Do you own or manage a wood, or advise on woodland management?
This toolkit provides advice on managing woodlands for wildlife, in particular rare and declining species that are dependent on woodland habitats.
See woodland guidance for practical advice on management techniques, information on woodland management issues and legal considerations.
The species factsheets tab gives summary information for all the species in the toolkit.
Use search your wood's wildlife to help you:
Use assess your wood's condition to get an overview of the condition of your wood's habitats and identify any issues you may need to address.
See management planning to access management plan templates and a link to myForest - a web tool developed by Sylva Foundation that helps woodland owners and managers map, store data, and create management plans for their woodlands.
The toolkit's search function does not cover every species that occur in woodland. It includes the needs of declining woodland species, plus a selection of commoner species, or groups of species with similar habitat requirements that act as indicators of good habitat condition. Each of the species or groups listed below has a factsheet. When you use the toolkit, you will be able to access both summary information and the factsheet for the species in your wood's local area.
Plants and trees: Eighteen species - including a selection of rare woodland plants, together with a range of common species, which are at risk of becoming scarcer in the absence of active management. Some common species are included as important nectar sources for bees and other insects and in turn these pollinating insects are beneficial to other woodland plants. Others are species that can potentially act as indicators of the success of reinstated favourable management.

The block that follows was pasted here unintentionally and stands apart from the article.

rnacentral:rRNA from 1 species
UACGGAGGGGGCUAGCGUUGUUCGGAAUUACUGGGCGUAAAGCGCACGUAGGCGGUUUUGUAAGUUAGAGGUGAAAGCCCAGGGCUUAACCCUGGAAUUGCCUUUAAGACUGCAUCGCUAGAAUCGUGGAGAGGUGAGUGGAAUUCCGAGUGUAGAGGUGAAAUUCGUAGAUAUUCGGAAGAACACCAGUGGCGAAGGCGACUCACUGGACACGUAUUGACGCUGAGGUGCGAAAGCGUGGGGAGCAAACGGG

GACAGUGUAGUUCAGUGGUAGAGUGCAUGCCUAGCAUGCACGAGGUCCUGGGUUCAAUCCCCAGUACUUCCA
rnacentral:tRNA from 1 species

Yellow Bird's Nest, Bastard Balm, Spreading Bellflower, Herb Paris, White Helleborine, Fly Orchid, Solomon's Seal, Lily of the Valley, Fingered Sedge, Narrow Leaf Helleborine. You can also access factsheets for Primrose, Bluebell, Dog Violet, Box, Goat Willow, Honeysuckle, Wych Elm and Hawthorn under Important Widespread Plants under the Woodland Guidance tab.
Birds: Seventeen birds - all are national priorities and dependent on woodland.
Woodcock, Lesser Spotted Woodpecker, Tree Pipit, Redstart, Garden Warbler, Wood Warbler, Willow Warbler, Pied Flycatcher, Spotted Flycatcher, Marsh Tit, Willow Tit, Hawfinch, Lesser Redpoll, Nightingale, European Nightjar, Black grouse and Capercaillie.
Other invertebrates: National priority species - grouped according to the particular woodland features they depend on. This way groups of unfamiliar invertebrates can be captured in one go and in a more easily digestible way.
Groups: Saproxylic Beetles Group, Yellow Splinter Group, Wood-edges, glades and rides invertebrates, Woodland and shrub canopy invertebrates, Carr and woodland seepage invertebrates, Woodland litter invertebrates and Dead wood invertebrates.
There are also individual factsheets for: Violet Oil Beetle, Blue Ground Beetle, Stag Beetle, Southern Red Wood Ant and the highly restricted Pine Hoverfly and Aspen Hoverfly.
Butterflies: Fourteen species - all are national priority species that are dependent on woodland.
Chequered Skipper, Grizzled Skipper, Dingy Skipper, Wood White, Brown Hairstreak, Black Hairstreak, White-letter Hairstreak, Duke of Burgundy, White Admiral, Purple Emperor, Heath Fritillary, Small Pearl-bordered Fritillary, Pearl-bordered Fritillary and High Brown Fritillary.